In recent years, impact resistant roofing materials have been getting more attention. Roof material manufacturers have invested heavily into creating more durable roof products. It’s more common now to see roofing materials labeled as class III or class IV impact resistant. But what does that mean, and should you have it on your own home?
What are impact resistant roofing products?
Impact resistant roofing shingles and tiles are designed to withstand impact from hail and other debris without damage. Hail is a threat to roofs in Colorado, which had the 2nd most hail-related property claims in 2019 according to insurancejournal.com. Hail stones of 1” or larger can damage your roof by causing granules to detach and exposing the asphalt material to harmful UV rays, or by cracking the fiberglass shingle mat. Both of which are known to reduce your roof’s lifespan and potentially cause leaks. Having impact resistant roofing on your Denver home can reduce this risk.
Impact-resistant roofing materials can include traditional asphalt shingles, synthetic shingles, synthetic tiles, concrete and clay tile, and metal roofing. Due to the amount of hail we receive, most any qualified, professional Denver roofing company will be able to advise what products are available that meet class III or class IV impact resistance ratings.
How are impact resistant roofing products rated?
The agency that tests and rates roofing products for their impact-resistant qualities is Underwriters Laboratories (UL). In UL’s roofing tests, 1.5” and 2.0” steel balls are dropped from a height of 20 feet. The materials’ ability to absorb the steel ball impact without damage is what determines the UL rating between 1 and 4, with 4 being the best impact resistance available.
Are impact resistant roofing products worth it?
While impact-resistant shingles and other materials may have a higher cost, they will likely need to be replaced less frequently which can save money in the long run. The average lifespan of many roofs is around 20 years, but in Denver, without impact-resistant roofing, many homeowners must replace their roof every 7-10 years due to storm damage.
You also may end up saving money on your homeowners insurance premium by installing an impact-resistant roof. Recent customers of Sol Vista that had impact-resistant roof materials installed received premium discounts of up to 30%. Check with your insurance agent whether you would be eligible for savings.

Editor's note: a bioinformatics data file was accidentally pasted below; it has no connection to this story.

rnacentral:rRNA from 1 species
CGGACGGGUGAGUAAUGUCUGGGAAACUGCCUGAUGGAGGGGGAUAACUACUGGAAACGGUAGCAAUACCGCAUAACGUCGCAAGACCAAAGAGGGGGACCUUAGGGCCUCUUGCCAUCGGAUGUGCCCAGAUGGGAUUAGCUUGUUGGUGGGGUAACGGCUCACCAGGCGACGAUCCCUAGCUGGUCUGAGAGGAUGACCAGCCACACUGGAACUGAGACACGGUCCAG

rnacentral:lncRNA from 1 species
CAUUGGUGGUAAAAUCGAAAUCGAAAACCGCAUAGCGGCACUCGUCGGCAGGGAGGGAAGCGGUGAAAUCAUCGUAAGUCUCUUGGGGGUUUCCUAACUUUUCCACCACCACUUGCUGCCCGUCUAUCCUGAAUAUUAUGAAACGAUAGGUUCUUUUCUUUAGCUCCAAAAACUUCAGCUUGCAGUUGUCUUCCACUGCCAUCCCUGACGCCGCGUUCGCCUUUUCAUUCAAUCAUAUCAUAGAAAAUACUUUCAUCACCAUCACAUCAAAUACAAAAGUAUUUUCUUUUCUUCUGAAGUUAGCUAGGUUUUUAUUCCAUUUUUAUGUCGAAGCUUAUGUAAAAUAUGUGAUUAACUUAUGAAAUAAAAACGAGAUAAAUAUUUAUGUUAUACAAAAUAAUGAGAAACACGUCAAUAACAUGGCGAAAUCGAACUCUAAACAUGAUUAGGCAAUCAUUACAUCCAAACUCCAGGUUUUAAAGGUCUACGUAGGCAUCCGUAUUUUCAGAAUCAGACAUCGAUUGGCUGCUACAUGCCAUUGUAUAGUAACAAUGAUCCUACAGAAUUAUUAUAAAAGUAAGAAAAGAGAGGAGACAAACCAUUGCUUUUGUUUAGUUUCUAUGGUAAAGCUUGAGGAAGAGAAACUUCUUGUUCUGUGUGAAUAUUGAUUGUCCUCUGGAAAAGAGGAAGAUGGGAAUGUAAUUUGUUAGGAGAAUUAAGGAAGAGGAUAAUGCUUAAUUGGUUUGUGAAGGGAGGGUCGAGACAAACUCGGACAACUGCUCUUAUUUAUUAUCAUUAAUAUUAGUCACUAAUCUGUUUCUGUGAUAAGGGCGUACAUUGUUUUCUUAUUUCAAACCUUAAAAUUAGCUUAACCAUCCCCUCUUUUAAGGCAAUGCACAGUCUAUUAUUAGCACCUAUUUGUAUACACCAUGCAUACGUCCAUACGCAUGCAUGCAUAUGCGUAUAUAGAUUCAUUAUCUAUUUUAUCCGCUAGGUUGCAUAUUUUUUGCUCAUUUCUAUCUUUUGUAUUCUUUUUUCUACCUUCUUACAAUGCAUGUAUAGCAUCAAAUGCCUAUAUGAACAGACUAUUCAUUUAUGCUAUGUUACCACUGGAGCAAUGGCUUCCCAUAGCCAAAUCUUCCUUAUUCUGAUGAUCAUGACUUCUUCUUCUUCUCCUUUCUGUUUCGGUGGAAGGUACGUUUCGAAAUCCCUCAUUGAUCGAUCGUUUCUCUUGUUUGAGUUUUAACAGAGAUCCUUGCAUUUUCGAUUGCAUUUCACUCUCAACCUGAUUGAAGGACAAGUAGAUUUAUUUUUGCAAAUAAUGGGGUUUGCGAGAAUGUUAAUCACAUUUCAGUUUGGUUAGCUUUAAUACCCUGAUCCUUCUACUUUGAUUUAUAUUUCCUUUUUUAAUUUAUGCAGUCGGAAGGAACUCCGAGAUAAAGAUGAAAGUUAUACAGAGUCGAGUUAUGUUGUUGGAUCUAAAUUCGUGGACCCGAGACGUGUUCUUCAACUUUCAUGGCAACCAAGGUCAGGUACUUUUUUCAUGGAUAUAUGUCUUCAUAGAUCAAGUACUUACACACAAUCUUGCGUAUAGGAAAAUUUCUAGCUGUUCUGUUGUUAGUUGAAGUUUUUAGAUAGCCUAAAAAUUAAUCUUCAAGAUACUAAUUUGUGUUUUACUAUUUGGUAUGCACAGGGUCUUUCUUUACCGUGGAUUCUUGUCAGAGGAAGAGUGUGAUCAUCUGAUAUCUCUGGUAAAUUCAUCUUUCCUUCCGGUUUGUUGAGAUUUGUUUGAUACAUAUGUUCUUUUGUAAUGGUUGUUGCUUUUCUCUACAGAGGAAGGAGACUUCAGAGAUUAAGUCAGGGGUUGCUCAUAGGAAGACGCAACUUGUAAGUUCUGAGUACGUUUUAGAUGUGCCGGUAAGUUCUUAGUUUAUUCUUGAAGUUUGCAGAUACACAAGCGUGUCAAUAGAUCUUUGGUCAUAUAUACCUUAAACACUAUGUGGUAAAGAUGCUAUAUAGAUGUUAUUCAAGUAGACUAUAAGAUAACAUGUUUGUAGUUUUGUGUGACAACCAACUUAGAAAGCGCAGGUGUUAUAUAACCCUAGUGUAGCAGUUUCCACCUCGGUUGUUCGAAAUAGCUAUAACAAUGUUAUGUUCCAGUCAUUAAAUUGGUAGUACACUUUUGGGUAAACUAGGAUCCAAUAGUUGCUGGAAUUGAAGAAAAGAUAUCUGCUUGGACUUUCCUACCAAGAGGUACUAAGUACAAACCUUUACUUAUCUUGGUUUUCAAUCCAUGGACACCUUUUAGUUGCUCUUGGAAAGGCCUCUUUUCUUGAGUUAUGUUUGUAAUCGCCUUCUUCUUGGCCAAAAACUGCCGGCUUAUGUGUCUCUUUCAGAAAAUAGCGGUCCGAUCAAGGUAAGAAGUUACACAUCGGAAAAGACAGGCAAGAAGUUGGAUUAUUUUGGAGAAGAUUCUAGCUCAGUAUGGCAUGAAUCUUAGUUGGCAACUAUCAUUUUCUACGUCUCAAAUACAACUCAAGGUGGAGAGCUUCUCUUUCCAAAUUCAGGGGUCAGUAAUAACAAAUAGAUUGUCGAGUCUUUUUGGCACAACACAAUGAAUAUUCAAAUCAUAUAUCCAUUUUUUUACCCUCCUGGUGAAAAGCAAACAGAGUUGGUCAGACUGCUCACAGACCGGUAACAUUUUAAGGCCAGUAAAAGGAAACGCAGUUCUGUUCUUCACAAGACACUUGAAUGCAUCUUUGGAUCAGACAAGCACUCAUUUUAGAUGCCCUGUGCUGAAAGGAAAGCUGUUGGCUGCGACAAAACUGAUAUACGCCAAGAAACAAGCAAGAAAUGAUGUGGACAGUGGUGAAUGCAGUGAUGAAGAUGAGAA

What are my options for impact resistant roofing?
Some of our favorite impact-resistant roofing products for Denver roofs are:
- F-Wave synthetic shingles
- Stone-coated steel roofing
- Malarkey Legacy shingles
- Owens Corning Duration Storm shingles
- Standing seam or pro-panel metal roofing
- DaVinci synthetic tile
Impact resistant roofing material ratings
There are different levels of impact resistance, as defined by UL.
Class IV impact resistant roofing materials
To earn a Class 4 rating, which is the highest rating assigned, the roofing material must withstand having a 2-inch steel ball dropped several times from 20 feet above. The 2-inch steel ball dropped from 20 feet may not sound like much, but the same test applied to a 4-inch concrete paver would crack the paver. Roofing material that can withstand this test undamaged are proven tough enough for most hail and debris. Many of the roofing shingles that earn a class 4 impact resistant roofing material rating are constructed with rubber-modified material. And some, like Owens Corning Duration Storm, are backed by polyester mesh to improve the strength of the shingle.
Class III impact resistant roofing materials
The test to be deemed class 3 impact resistant is similar, however instead of a 2-inch steel ball dropped from a height of 20 feet, a 1.5-inch steel ball is used. This mimics the occurrence of 1.5-inch hailstones, which are a common occurrence in the Denver metro area. Achieving class 3 impact resistance is no easy task, as most roofing materials do not pass the test for class 3 (much less class 4) ratings.
Ratings of class 1 and class 2 impact resistance are also assigned, but only class 3 and class 4 are rated as impact resistant.
When you’re ready to discuss your roofing options, get in touch with the team at Sol Vista Roofing to get professional, expert advice.